How can you tell when an album is a stone cold, broke the mold classic that continues to influence countless bands and artists years after its release? Well, you can start by looking at just how many bands have cited and continue to cite that album as a major influence on their musical output.

A cursory Google of ‘bands influenced by Remain In Light by Talking Heads’ turns up a list that includes but is in no way limited to: Blondie, XTC, R.E.M, Beck, Vampire Weekend, Arcade Fire, Franz Ferdinand, St Vincent, LCD Soundsystem, Clap Your Hands Say Yeah and Friendly Fires. And that’s barely scratching the surface of the multitude of groups who have taken musical and artistic pointers from the quirky new wave band from New York.

Recorded four years before lead singer David Byrne donned a giant, box-shaped zoot suit in their Stop Making Sense live concert film, Remain In Light, their fourth full-length release, saw the band return to the studio with producer Brian Eno to create an experimental yet accessible record that blended polyrhythmic percussive elements with fidgety, funk-tinged grooves.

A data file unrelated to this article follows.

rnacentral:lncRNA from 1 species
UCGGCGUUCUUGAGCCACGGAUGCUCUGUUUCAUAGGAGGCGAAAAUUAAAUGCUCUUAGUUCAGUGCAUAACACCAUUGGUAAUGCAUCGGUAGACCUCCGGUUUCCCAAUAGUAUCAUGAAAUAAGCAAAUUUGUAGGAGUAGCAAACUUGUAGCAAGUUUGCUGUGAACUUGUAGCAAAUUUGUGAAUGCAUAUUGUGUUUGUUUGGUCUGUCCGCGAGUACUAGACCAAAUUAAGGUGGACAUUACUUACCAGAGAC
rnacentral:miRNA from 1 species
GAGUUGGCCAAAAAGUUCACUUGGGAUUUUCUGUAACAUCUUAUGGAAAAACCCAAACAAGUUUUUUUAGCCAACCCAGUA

Listening back to it 35 years on, it sounds both ahead of its time and strangely timeless, thanks mainly to the pristine, detailed production of Eno and the danceable backbeats provided by Tina Weymouth and Chris Frantz.
From the scratchy, bleep-blooping afro-funk of opener ‘Born Under Punches’ to the sparse but stirring slide guitar wonder that is ‘Listening Wind,’ there is just so much to savour in this record and you find yourself discovering tiny hidden nuances with almost every listen.

Nestled in the centre of the 40-minute long record, is, of course, one of their biggest singles ‘Once In A Lifetime’. Showcasing Byrne’s trademark spoken lyrical style, this anthem for the commodified man was only ever outsold by ‘Burning Down The House’ but was by far their greatest track. Remain In Light is as great today as it was 35 years ago. “Sames as it ever was, same as it ever was…”

AND here are some Spotify facts…

Remain in Light is most streamed in the US by an audience made up of 30% female, 70% male
It is popular with 28-34 year olds
The highest ever number of streams was on Fri 24 April 2015
“Once In A Lifetime” has the most streams on the album with 12,291,349 plays and counting